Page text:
Dear Members and Advocates,

As we begin to emerge from the coronavirus shut-down, we enter another period of unrest and uncertainty. Across this country, groups of people are hitting the streets to protest the tragic and senseless killing of George Floyd. George was an African-American man, who was killed during an arrest in Minneapolis, Minnesota. The officer who arrested him was charged with his murder and understandably communities across the country are outraged at the delay it took to bring charges and the fact that others who stood by and did nothing have not yet been charged.

The murder of George Floyd has nothing to do with the sex offender registry but public reaction to law enforcement and, in turn, reaction to the protesters has a lot to do with the registry or how we, as a society, stigmatize an entire group because of a few bad apples among them.

We always try to explain that people on the registry are not homogenous, but we are all perceived as and treated the same. Unquestionably a few might be genuinely dangerous, but the overwhelming majority of those on the list are simply law abiding individuals who paid their debt to society and are now assets to the community. Similarly, there are unquestionably law enforcement officers who are racists or use unnecessary excessive force, but the overwhelming majority are good people. And also the protesters. Yes, there are delinquents among them who are looting and setting cars on fire, but the overwhelming majority are exercising their first amendment right and making their voices heard.

In every population there are few who are bad seeds (even among religious leaders and teachers), but we can’t assume all are the same as the worst of them or discard the entire group because of a few. We don’t want the public to perceive or treat everyone in law enforcement as a violent racist because they are not. We don’t want the public to perceive or treat every protester as a vandal or looter because they are not. And we don’t want the public to perceive or treat everyone on the sex offender registry as a dangerous recidivist because they are not. Police have to be trusted to do the job they are sworn to do, people need to be comfortable in exercising their Constitutional right to peacefully assemble and those whose punishment has been served need to be given the ability to successfully re-integrate into the community.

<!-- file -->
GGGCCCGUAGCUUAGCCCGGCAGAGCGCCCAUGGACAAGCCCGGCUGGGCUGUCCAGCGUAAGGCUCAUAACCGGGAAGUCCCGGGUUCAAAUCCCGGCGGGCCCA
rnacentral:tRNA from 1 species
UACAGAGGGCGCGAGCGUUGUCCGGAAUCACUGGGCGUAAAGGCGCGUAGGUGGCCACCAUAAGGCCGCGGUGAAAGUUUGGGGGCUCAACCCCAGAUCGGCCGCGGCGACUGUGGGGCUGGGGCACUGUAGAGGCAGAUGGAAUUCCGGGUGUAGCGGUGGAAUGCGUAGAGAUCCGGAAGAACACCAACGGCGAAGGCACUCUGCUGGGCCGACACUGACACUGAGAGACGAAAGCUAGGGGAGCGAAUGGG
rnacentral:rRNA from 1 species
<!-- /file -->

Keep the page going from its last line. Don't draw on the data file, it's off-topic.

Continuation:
Given the public sentiment towards the police, can you imagine how reckless it would be for the government to put up a list stigmatizing them? Not only that, but to also publish their pictures, where they live and what cars they drive? How comfortably would their families sleep at night knowing there was a huge target on their backs?  Nobody should have to live like that.

The sex offender registry fosters an implicit bias (an unconscious attribution of particular qualities to a member of a certain social group) against everybody on it, regardless of their offense, how long ago it was committed or what they have done to redeem themselves since. It then provides a hit list for anyone who wants to do them harm.

The world needs to stop judging people for the worst thing they have ever done or punishing a class of people for the actions of the worst among them.

Sincerely,

The Florida Action Committee


Reminders:

JUNE 4 – NEW TIME FOR JUNE Membership Call: Thursday June 4th at 7:30 pm ET.  This call will be hosted by NARSOL Region 2. Watch for details.

JUNE 6 – Family Support session (via Zoom) facilitated by Jill Levenson and Shelly Kavanugh.  Saturday June 6 from 11am to 1pm.  To receive access, must RSVP by to [email protected] or leave message at 407-814-4203 (name and phone number).  This session is only available to family members or loved ones (not the registered person).

JUNE 11 – NEW MEMBER ORIENTATION CALL. Thursday June 11th at 8:00 pm ET.  Anyone can call-in to learn about the organization, resources, and Volunteer opportunities. Dial 319-527-3487.


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